In the dark, I killed myself and chose rebirth.
Andi Young. Rebirth. EP
Andi Young. Rebirth. EP
hip hop/pop. Opening track. Dreamy nostalgic.
Love, betrayal, hate, jealousy.
Time to say goodbye
Folk/pop/acoustic. Story telling.
'whenever there's a man there's a fire.'
You go left, I go right
You hurt me, now I'm strong enough to be calm.
Electronic House. In the dark, there's a fire that lights up hope again. And life becomes a celebration.
Piano/acoustic. I scream, I cry, I sing.
I don't care about my heart, I only care about my art.
Little boy's whisper Guitar/orchestra/acoustic. Written at the age of 17.
Domestic violence ruins a childhood, but makes a strong adult.
There is a fearless quality to And! Young’s music that both confronts and empowers the listener. Gifted with a unique, shiver-inducing voice, he brings something fresh to the singer-songwriter tradition. Young’s debut EP introduces an artist at once vulnerable and confident, willing to confess his longings and expose his scars while touching upon something universally human.
“Everything I write is genuine from my own life or lives I see around me,” he says. “People may lie about many things, even their own feelings, but I find it too hard to lie in my music… I have strong feelings inside me, but I’ve never known how to communicate with the world in the right way. So I’ve put everything into music.”
Raw emotion lies at the core of Young’s work. You can hear it in his yearning vocal style and the unguarded content of his lyrics. Rich, well-sculpted melodies and an inspired talent for arrangement make his songs as accessible as they are honest. Themes of love, loss, self-discovery and rebirth run through songs like “Lonely Child” and “Time to Say Goodbye.” From the piano balladry of “You Go Left, I Go Right” to the propulsive EDM flow of “Star,” his work transcends categories as it combines musical elegance with an intensity that aims straight for the heart.
If Young’s songs cross creative boundaries, it may be a reflection of his own international upbringing. Born of Asian-American heritage and spending his early years on three continents, he began his musical journey as a four year-old violin student. Daily practice on the instrument helped him develop a real passion for music (as well as a talent for composition that he channeled into songwriting). Singing allowed him the freedom to fully express his emotions, enhancing the skill and discipline he gained from his classical music studies.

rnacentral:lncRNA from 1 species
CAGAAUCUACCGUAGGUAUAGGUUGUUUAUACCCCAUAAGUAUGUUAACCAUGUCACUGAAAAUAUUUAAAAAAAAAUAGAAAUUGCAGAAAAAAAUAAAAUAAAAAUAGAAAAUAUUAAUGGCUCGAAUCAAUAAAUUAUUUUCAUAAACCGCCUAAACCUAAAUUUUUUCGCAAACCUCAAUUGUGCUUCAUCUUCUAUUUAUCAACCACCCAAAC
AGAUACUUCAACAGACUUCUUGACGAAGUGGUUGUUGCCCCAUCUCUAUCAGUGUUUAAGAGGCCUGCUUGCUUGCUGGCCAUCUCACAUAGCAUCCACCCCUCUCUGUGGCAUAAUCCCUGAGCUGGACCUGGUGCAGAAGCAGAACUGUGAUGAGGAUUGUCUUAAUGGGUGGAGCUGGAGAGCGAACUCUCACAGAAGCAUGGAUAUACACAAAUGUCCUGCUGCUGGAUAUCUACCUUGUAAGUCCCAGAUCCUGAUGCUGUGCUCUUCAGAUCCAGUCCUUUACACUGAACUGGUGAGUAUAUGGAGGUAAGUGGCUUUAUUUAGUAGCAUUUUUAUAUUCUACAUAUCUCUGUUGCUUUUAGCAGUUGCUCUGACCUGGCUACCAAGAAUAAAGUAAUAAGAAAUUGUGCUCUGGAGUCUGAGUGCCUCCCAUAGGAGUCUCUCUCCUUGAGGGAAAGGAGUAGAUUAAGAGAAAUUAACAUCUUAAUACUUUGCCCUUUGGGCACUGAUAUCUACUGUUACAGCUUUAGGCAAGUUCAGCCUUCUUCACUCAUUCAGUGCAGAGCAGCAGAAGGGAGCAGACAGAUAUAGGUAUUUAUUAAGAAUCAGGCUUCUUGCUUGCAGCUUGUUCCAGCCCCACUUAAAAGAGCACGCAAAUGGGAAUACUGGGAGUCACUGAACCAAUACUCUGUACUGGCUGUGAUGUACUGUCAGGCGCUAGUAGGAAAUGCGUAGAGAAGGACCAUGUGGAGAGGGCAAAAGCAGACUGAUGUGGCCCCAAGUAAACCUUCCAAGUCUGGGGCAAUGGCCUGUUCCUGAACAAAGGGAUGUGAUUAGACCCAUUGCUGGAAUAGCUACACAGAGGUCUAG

Early on, he began improvising melodies and making up lyrics to his tunes. “The words that came out were not always positive and that would make me feel so sinful,” he recalls. “The words delivered sophisticated emotions that made me scared, so I tried to force myself to stop creating lyrics and melodies. But that was impossible.”
Over time, writing songs became a way for Young to find solace and healing: “Living in different parts of the world as a child, everything in my life cast sharp contradictions. I had a very difficult time identifying myself – I didn’t seem to belong to any particular community. The issue of identity was something I had to deal with when I was a child and teenager, but I gradually grew out of it and started to accept myself as just a human being.” These topics would find expression in his music as he matured and mastered his craft.
Young grew steadily more serious about music while attending high school in Europe on scholarship. He auditioned for a singing competition in Holland at age 17, winning Best Stage Award as a finalist. The strong encouragement he received from the judges led to his entering further contests and to performing at musical festivals and special events with various cover bands around Europe.
Though the applause earned from singing other people’s songs could be gratifying, Young’s real goal was to develop his own music to its fullest potential.
After relocating to Australia, Young applied for admission as a composition student at a music conservatory. The head of the composition department Greg White evaluated his original material and pronounced him a “natural songwriter.” Ultimately, though, Young passed up formal training as a composer in favor of creating his music his own way, with its raw edges intact.
When the time was right, he sought out partners in the pop music industry to help him realize his vision. New York-based producer/engineer Robert L. Smith – known for his work with the cast of TV’s Glee as well as projects with Lady Gaga, Aerosmith and David Bowie – agreed to produce tracks for Young after hearing one of his songs. For his dance tune “Star,” he teamed up with producer John Ho, whose credits include Number One Japanese hits with ShiNee (“Obsession”), Lil Eddie, Mya and Kimbra, among other artists. The results of these collaborations will be heard on Young’s debut EP as well as his first album.
Young continues to stretch and deepen his talents as he records new songs. “Star” is a particularly impressive breakthrough, revealing a warm, expansive vocal range that soars above its sleek, pulsating track.
If there’s pain and conflict coursing through the music of And! Young, there’s also a ringing note of hope amidst the struggle. His songs are confessions, anthems and prayers – sometimes all three at once. Come into his world and be prepared to be moved, uplifted and more than a little startled.